Selected Career Highlights
- Chair, National Advisory Committee, American Nurses Association/Substance Abuse and Mental Health Services Association Minority Fellowship Program
- Faculty Fellow, New College House, University of Pennsylvania
- 2015 Friends of the National Institute of Nursing Research Protégée Award
- Outstanding Fieldwork Supervisor Award, Temple University Department of Public Health
Brawner, B. M., Abboud, S., Reason, J., Wingood, G., Jemmott, L. S. (2019). The development of an innovative, theory-driven, psychoeducational HIV/STI prevention intervention for heterosexually active black adolescents with mental illnesses. Vulnerable Children and Youth Studies, 14(2), 151-165. doi: 10.1080/17450128.2019.1567962
Brawner, B. M., Jemmott, L. S., Wingood, G., Lozano, A. J., & Hanlon, A. (2019). Project GOLD: A pilot randomized controlled trial of a novel psychoeducational HIV/STI prevention intervention for heterosexually-active Black youth. Research in Nursing & Health, 42(1), 8-28. doi: 10.1002/nur.21930
Brawner, B. M. & Sutton, M. Y. (2018). Sexual health research among youth representing minority populations: To waive or not to waive parental consent. Ethics and Behavior, 28(7), 544-559. doi: 10.1080/10508422.2017.1365303
Ha, Y. P., Seifu, L. D., Lewis, L. M., Dupuis, R., Brawner, B. M., & Cannuscio, C. C. (2018). Partnering medical students with barbers to cut hypertension in Black men. American Journal of Public Health, 108(6), 785-787. doi: 10.2105/AJPH.2018.304374
Brawner, B. M., Jemmott, L. S., Wingood, G., Reason, J., & Mack, N. (2018). HIV/STI prevention among heterosexually active Black adolescents with mental illnesses: Focus group findings for intervention development. Journal of the Association of Nurses in AIDS Care, 29(1), 30-44. doi: 10.1016/j.jana.2017.09.008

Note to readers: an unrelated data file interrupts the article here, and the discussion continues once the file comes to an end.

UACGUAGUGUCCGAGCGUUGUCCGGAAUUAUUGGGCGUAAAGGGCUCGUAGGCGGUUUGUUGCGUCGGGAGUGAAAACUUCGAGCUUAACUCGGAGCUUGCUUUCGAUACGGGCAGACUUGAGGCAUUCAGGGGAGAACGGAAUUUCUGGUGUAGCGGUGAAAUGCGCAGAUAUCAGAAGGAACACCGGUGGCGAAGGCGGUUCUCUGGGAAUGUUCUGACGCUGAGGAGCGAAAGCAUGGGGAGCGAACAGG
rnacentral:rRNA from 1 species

Brawner, B. M., Jemmott, L. S., Wingood, G., Reason, J., Daly, B., Brooks, K. & Lanier, Y. (2017). Feelings matter: Depression severity and emotion regulation in HIV/STI risk-related sexual behaviors. Journal of Child and Family Studies, 26(6), 1635-1645. doi: 10.1007/s10826-017-0674-z
Brawner, B. M., Guthrie, B., Stevens, R., Taylor, L., Eberhart, M. & Schensul, J. J. (2017). Place still matters: Racial/ethnic and geographic disparities in HIV transmission and disease burden. Journal of Urban Health, 94(5), 716-729. doi: 10.1007/s11524-017-0198-2
Stevens, RS, Gilliard-Matthews, S, Dunaev, J, Todhunter-Reid, A., Brawner, B. M. & Stewart, J. (2017). Social media use and sexual risk reduction behavior among minority youth: Seeking safe sex information. Nursing Research, 66(5), 368-377. doi: 10.1097/NNR.0000000000000237
Brawner, B. M., Sommers, M. S., Moore, K., Aka-James, R., Zink, T., Brown, K. M., & Fargo, J. D. (2016). Exploring genitoanal injury and HIV risk among women: Menstrual phase, hormonal birth control, and injury frequency and prevalence. JAIDS Journal of Acquired Immune Deficiency Syndromes, 71(2): 207-212. doi: 10.1097/QAI.0000000000000824 (February 2016 Editor’s Pick).
Brawner, B.M., Reason, J., Goodman, B., Guthrie, B., & Schensul, J. (2015). Multi-level drivers of human immunodeficiency virus (HIV)/acquired immune deficiency syndrome (AIDS) among Black Philadelphians: Exploration using community ethnography and geographic information systems. Nursing Research, 64(2): 100-110. doi: 10.1097/NNR.0000000000000076